Recently, two groups I occasionally advise on issues on and offline came to me with two unique social media/internet questions.
The first group, a student organization on a large campus, got into some trouble when one of their members posted a photo of questionable content to one of the national organization’s social media profiles. Now, I want to point out that the content of the photo wasn’t that offensive, but it was enough to raise a few eyebrows and rub the right people the wrong way.
The issue had to be addressed.
Luckily, the organization has a robust and effective leadership that was quick to respond and the issue was addressed right away. The fallout was minimal and everyone agreed that better steps should be taken to make sure the membership was more conscious of the risk their social media content could pose to the brand of their organization.
It’s hard to monitor – and even harder to censure – the content of someone else’s posts on a social media site. There are, however, steps you can take to insure that the risk is reduced for your organization when engaging in social media.
Twitter doesn’t offer much in the way of settings for this kind of strategy; in fact you can post just about whatever kind of content you’d like to Twitter. When it comes to monitoring your risk for your pages directly, Twitter allows profiles to be set to private. This will prevent non-members from viewing any content affiliated with the profile. Another smart move is to launch campaigns ahead of something like an event - the ability to retweet instead of writing a new post will reduce the risk while increasing your organizations visibility.
Facebook alternatively allows the manager of a group page to monitor all activity coming to the page before it’s posted. You can even approve posts in which your page has been tagged before they are allowed to be posted. Turning these settings on and actively checking the account will give you greater control over the content on Facebook.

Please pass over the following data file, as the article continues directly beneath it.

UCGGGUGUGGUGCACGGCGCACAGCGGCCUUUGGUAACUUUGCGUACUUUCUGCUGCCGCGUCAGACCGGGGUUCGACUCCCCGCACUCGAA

It’s not always possible to monitor everything, but finding someone in your organization or recruiting someone to maintain and monitor your social media profiles while educating your membership and occasionally building campaigns, is the best way to reduce the risk.
The second group, a committee that meets infrequently and randomly, was interested in making their teleconferences more productive. The interesting caveat with this group happened to be that few of the members have ever met in person; they live all over the country, and only actually meet once every two years over six days. Their work affects thousands and needs to be voted on by those thousands in order to continue.
Two things needed to be addressed; how to increase the productivity of their rare hourly meetings, and how to increase engagement with their work while “offline,” so-to-speak.
Google Docs is a free and easy to use solution to both issues. The platform allows you to share a Word-like document with a number of people using your Gmail account. These documents can then be shared, edited, and commented on in real-time.
For example, while on a teleconference call users can view the documents at the same time, see changes made to the document in real time and highlighted in different colors representing a different user. Notes can also be left in the margins of a document that highlight the portion of the document the note is referencing and function as an instant messenger if more than one user is editing the document. Google Docs even sends email notifications to the other users as soon as you have made changes to a document, something this group found increased their engagement with the work offline.
Two unique problems facing organizations in a Web 2.0 environment and two unique, easy to use and to implement solutions provided by Web 2.0 tools. While the risk or challenges of operating in our new high tech world sometimes seem daunting, it’s important to remember that in the end these are just more tools, built by men, designed to make our lives easier, faster, and better - even if they do seem hard to use at first.
This post was written by John Fenton. John has been a writer and journalist for several years covering topics from technology in the Middle East to real estate at home and popular music. Strong written and verbal communication skills brought John to Yoh as a Social Media Specialist, piloting the program and supporting recruitment efforts at GE. In 2011-12, he worked with an award winning director to edit a screenplay and enjoys spending time working with film and audio recording. In 2011, John wrote the Ritual Education Guide for Delta Tau Delta International Fraternity and currently sits on the Arch Chapter Ritual Committee. He runs his own website and enjoys participating in and hosting charity functions. From the Detroit area John has a passion for the city and its vibrant regrowth. He currently lives in Ypsilanti, MI and spends his time consuming news and culture, boxing and kayaking, and all the while trying to sneak in the occasional book or two.